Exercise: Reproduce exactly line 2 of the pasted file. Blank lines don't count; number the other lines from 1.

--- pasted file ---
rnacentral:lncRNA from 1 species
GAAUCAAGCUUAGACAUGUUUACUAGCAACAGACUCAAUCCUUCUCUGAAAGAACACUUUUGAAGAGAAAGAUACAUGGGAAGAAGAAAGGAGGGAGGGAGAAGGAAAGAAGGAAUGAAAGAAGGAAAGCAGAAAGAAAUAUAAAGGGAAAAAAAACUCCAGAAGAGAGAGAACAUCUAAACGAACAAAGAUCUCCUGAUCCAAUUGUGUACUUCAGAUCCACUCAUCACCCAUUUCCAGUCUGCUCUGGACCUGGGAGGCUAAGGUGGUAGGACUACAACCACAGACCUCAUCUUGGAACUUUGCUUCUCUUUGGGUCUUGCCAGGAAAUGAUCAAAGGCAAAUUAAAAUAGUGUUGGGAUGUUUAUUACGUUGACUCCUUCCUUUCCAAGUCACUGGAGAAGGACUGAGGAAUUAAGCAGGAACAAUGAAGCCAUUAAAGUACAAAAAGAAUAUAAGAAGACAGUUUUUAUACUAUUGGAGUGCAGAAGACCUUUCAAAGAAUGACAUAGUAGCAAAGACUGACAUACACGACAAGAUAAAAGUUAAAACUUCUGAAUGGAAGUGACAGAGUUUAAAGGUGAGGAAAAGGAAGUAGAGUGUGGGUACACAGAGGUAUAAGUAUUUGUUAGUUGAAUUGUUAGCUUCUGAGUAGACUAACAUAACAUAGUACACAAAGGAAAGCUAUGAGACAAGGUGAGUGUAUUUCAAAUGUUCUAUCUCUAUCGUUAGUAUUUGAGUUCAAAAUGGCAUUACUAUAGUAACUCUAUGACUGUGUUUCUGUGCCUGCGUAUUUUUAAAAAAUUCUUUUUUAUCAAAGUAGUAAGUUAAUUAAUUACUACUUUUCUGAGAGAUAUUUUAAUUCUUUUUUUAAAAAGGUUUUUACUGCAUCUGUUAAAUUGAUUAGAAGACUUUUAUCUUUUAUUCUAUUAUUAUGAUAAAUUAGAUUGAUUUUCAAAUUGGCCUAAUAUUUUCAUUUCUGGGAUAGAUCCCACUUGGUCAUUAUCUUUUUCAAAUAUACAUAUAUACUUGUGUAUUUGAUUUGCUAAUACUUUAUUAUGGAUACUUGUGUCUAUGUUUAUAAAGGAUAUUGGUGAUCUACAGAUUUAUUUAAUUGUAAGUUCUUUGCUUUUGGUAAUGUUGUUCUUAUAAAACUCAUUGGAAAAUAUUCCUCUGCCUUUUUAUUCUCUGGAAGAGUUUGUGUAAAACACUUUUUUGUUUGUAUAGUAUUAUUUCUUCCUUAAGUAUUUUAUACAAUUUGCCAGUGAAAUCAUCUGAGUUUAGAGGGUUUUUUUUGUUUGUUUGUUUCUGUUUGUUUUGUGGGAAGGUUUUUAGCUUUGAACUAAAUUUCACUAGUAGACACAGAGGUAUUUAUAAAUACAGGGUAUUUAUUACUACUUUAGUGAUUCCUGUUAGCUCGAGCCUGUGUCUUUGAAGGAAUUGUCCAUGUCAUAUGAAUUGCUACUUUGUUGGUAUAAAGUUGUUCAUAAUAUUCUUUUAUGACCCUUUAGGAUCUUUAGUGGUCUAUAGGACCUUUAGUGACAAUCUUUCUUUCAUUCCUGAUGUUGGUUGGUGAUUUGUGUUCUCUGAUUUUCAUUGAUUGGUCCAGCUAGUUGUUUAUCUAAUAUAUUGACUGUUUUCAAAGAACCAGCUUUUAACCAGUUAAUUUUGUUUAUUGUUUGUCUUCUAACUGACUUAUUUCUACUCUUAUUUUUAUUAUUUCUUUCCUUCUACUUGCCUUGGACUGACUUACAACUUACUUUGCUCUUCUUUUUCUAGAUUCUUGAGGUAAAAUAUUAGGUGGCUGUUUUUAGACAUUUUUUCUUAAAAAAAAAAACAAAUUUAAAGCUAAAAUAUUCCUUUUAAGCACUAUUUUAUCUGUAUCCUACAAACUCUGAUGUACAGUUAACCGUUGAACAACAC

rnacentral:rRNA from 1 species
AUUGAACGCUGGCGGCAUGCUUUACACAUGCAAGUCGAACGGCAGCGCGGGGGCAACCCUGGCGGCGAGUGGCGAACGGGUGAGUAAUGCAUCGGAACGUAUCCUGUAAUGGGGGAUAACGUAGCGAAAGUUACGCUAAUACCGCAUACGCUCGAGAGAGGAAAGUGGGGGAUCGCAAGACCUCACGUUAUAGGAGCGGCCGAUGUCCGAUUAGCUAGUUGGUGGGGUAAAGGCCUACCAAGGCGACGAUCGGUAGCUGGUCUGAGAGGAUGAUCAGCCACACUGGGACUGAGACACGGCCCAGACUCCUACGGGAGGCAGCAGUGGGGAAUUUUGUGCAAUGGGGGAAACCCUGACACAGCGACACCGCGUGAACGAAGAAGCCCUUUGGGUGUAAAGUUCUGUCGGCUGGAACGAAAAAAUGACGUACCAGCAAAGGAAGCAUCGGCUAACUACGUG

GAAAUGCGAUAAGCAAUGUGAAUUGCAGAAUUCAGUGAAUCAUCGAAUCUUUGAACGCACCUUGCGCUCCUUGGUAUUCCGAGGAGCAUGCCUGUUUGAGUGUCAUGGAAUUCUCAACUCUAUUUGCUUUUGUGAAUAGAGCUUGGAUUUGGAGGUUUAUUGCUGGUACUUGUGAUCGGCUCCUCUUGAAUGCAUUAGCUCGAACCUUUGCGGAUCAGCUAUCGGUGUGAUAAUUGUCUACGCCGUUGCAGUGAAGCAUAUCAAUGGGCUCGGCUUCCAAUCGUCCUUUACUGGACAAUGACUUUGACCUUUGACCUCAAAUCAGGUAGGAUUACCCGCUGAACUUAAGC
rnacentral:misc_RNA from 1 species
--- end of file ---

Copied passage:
GAAUCAAGCUUAGACAUGUUUACUAGCAACAGACUCAAUCCUUCUCUGAAAGAACACUUUUGAAGAGAAAGAUACAUGGGAAGAAGAAAGGAGGGAGGGAGAAGGAAAGAAGGAAUGAAAGAAGGAAAGCAGAAAGAAAUAUAAAGGGAAAAAAAACUCCAGAAGAGAGAGAACAUCUAAACGAACAAAGAUCUCCUGAUCCAAUUGUGUACUUCAGAUCCACUCAUCACCCAUUUCCAGUCUGCUCUGGACCUGGGAGGCUAAGGUGGUAGGACUACAACCACAGACCUCAUCUUGGAACUUUGCUUCUCUUUGGGUCUUGCCAGGAAAUGAUCAAAGGCAAAUUAAAAUAGUGUUGGGAUGUUUAUUACGUUGACUCCUUCCUUUCCAAGUCACUGGAGAAGGACUGAGGAAUUAAGCAGGAACAAUGAAGCCAUUAAAGUACAAAAAGAAUAUAAGAAGACAGUUUUUAUACUAUUGGAGUGCAGAAGACCUUUCAAAGAAUGACAUAGUAGCAAAGACUGACAUACACGACAAGAUAAAAGUUAAAACUUCUGAAUGGAAGUGACAGAGUUUAAAGGUGAGGAAAAGGAAGUAGAGUGUGGGUACACAGAGGUAUAAGUAUUUGUUAGUUGAAUUGUUAGCUUCUGAGUAGACUAACAUAACAUAGUACACAAAGGAAAGCUAUGAGACAAGGUGAGUGUAUUUCAAAUGUUCUAUCUCUAUCGUUAGUAUUUGAGUUCAAAAUGGCAUUACUAUAGUAACUCUAUGACUGUGUUUCUGUGCCUGCGUAUUUUUAAAAAAUUCUUUUUUAUCAAAGUAGUAAGUUAAUUAAUUACUACUUUUCUGAGAGAUAUUUUAAUUCUUUUUUUAAAAAGGUUUUUACUGCAUCUGUUAAAUUGAUUAGAAGACUUUUAUCUUUUAUUCUAUUAUUAUGAUAAAUUAGAUUGAUUUUCAAAUUGGCCUAAUAUUUUCAUUUCUGGGAUAGAUCCCACUUGGUCAUUAUCUUUUUCAAAUAUACAUAUAUACUUGUGUAUUUGAUUUGCUAAUACUUUAUUAUGGAUACUUGUGUCUAUGUUUAUAAAGGAUAUUGGUGAUCUACAGAUUUAUUUAAUUGUAAGUUCUUUGCUUUUGGUAAUGUUGUUCUUAUAAAACUCAUUGGAAAAUAUUCCUCUGCCUUUUUAUUCUCUGGAAGAGUUUGUGUAAAACACUUUUUUGUUUGUAUAGUAUUAUUUCUUCCUUAAGUAUUUUAUACAAUUUGCCAGUGAAAUCAUCUGAGUUUAGAGGGUUUUUUUUGUUUGUUUGUUUCUGUUUGUUUUGUGGGAAGGUUUUUAGCUUUGAACUAAAUUUCACUAGUAGACACAGAGGUAUUUAUAAAUACAGGGUAUUUAUUACUACUUUAGUGAUUCCUGUUAGCUCGAGCCUGUGUCUUUGAAGGAAUUGUCCAUGUCAUAUGAAUUGCUACUUUGUUGGUAUAAAGUUGUUCAUAAUAUUCUUUUAUGACCCUUUAGGAUCUUUAGUGGUCUAUAGGACCUUUAGUGACAAUCUUUCUUUCAUUCCUGAUGUUGGUUGGUGAUUUGUGUUCUCUGAUUUUCAUUGAUUGGUCCAGCUAGUUGUUUAUCUAAUAUAUUGACUGUUUUCAAAGAACCAGCUUUUAACCAGUUAAUUUUGUUUAUUGUUUGUCUUCUAACUGACUUAUUUCUACUCUUAUUUUUAUUAUUUCUUUCCUUCUACUUGCCUUGGACUGACUUACAACUUACUUUGCUCUUCUUUUUCUAGAUUCUUGAGGUAAAAUAUUAGGUGGCUGUUUUUAGACAUUUUUUCUUAAAAAAAAAAACAAAUUUAAAGCUAAAAUAUUCCUUUUAAGCACUAUUUUAUCUGUAUCCUACAAACUCUGAUGUACAGUUAACCGUUGAACAACAC